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you know theft, you know. i was boosting, as they call it. i was boosting and that was like one of the only flaws i still had in me. >> evans says he was particular about what he stole. >> glasses. >> why? >> they were selling for $400 or $500 and i was selling them for $80. you know they were brands gucci, prada. >> you know all the designers. >> yeah, i've been in the business for two, three years, but i gave it up. you know we live and learn. i'm quite sure i ain't the first one to make mistakes. >> evans was recently given another 15 days in segregation for his part in a three-way calling scheme with an inmate who was banned by court order for calling anyone other than his lawyer. and now, investigators have determined that evans had been placing calls for other inmates as well. >> i ran charles evans' s.o. number on the phone calls. >> okay.
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>> he has 11 phone calls other than mr. saustre's. i'll run the numbers, see if possibly he called for other inmates that are in lockup and then did a three-way for himself. >> evans, currently in segregation for arguing with another inmate still has a right to make phone calls, though many other inmates on his unit are there for more serious violations and have lost that privilege. >> this call may be recorded or monitored. i have a prepaid call from -- >> charles. >> so what he's doing is as soon as new people come into lockup hitting him up for phone calls, saying hey, i can put a phone call for you if you let me make a three-way call. we have records that he placed phone calls for five or six different inmates besides saustre. i'm going to visit him, explain what the situation is. >> what'd i do now? >> okay you have another 80 pl
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lockup. >> for what now? >> okay, i hope we don't keep going through this okay? >> okay. >> we know that you made calls for saustre. realso found that you made other calls for other people in lockup. >> no. >> you've placed 17 calls under your name for other inmates, through their families, you used three-ways to place calls to your family. these prisoners are in lockup and they have no right to place the calls. placing you on phone restrictions while you're in the jail. >> you don't have to sit here and keep going through this. >> that's what i'm telling you. you're looking at lockup time. >> okay, fine. >> are you admitting to to doing this? >> again, yes. >> i'm letting you know right now, here's the situation you're going into right now. >> okay. >> a recommendation has been made by sergeant daniels to place you on phone restrictions okay? >> okay okay. >> any questions? >> no. >> okay.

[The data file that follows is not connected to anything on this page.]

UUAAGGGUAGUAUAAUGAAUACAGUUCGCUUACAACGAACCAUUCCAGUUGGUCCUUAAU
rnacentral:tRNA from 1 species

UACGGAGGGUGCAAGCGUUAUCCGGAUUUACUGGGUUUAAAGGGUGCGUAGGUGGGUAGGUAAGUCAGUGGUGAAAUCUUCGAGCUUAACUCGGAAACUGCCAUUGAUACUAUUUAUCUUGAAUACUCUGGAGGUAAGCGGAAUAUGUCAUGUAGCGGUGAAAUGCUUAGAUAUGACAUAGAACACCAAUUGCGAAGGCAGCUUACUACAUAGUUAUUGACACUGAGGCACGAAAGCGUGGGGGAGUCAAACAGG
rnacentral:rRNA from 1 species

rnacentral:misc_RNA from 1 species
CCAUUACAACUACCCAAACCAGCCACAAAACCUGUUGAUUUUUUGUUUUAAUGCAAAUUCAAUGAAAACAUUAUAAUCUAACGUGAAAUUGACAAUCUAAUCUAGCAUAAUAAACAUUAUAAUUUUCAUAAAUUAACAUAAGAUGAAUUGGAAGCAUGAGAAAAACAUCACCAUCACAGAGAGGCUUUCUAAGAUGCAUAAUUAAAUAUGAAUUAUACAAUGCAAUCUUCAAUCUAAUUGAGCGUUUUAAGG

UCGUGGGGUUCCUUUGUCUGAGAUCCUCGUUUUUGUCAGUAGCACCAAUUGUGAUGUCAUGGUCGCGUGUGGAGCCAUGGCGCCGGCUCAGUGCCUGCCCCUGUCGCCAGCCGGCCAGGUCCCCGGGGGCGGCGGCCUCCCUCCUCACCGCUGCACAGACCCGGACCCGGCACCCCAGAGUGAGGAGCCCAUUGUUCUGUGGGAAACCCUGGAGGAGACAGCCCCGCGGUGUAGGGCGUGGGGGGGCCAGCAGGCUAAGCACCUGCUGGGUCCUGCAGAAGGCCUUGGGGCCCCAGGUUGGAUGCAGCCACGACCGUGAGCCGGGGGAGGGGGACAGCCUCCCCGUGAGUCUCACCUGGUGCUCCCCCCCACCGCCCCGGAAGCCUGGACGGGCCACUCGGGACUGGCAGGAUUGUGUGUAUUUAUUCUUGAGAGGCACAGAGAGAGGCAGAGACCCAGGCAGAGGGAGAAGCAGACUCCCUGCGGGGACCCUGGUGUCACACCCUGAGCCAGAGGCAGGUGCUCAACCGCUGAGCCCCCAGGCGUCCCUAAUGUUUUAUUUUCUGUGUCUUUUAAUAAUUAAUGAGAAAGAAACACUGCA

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>> please don't come back and waste my time anymore. i don't give a [ bleep ] what he do! >> while evans will get more segregation time for what is considered a jailhouse hustle joanne schneider will soon transfer to prison to serve the remaining 6 1/2 years of a 9-year sentence. she recently received for a considerably larger hustle. authorities say she ran a ponzi scheme that ripped off nearly 800 investors out of $60 million. she says she was trying to fund a large retail and entertainment complex that could have been a boom for cleveland. >> and i love this city and we're in such lovely renaissance right now, and it's just it's wonderful. this is my home. >> ironically schneider has an excellent view of the city's football stadium and lakefront
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from her narrow cell window but it's a far cry from the life she led with her husband of 49 years, allen schneider. >> he puts money on my books here for the phone. i can call him every day to keep my sanity. and he comes to visit me twice a week. >> okay mr. schneider, you're going to the sixth floor, booth 2. >> all right, thank you. >> okay, no problem. >> i know she's innocent. she knows she's innocent. god knows she's innocent and those are the only three people that matter. >> allen schneider was also implicated in the security and theft charges that sent his wife to prison but prosecutors say he played a lesser role. after reaching a plea deal he received five years probation. >> i have like a couple of hours to decide if i wanted to take the plea which i did for the specific reason of i didn't want to trust my life to 12 people who couldn't figure out how to get out of jury duty. >> though he's never served time in jail schneider has spent
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plenty of time here visiting his wife. >> i visit with joanne twice a week. the visits are typically from 20 minutes to a half hour. the thing i don't like about the visits here is it's all via telephone through glass. >> how are you doing? >> okay. i'm doing okay. >> you look like you're getting around a little better. >> yeah. >> you look good. your hair looks good. >> yeah, yeah you, too. i wished i was hope to help you. >> well i wish you were home to help me, too. i wish you were just home period, not only to help me. >> hopefully -- >> i eat a lot better when you're at home. cold cuts and hot dogs. >> yeah, yeah. i worry about that. >> well don't worry about me. >> you know? >> i'll be just fine. you've got to take care of yourself. >> with her transfer to prison imminent schneider still does not know how far away she will go. she fears she will be sent to the same prison in which she served time prior to her resentencing the ohio reformatory for women in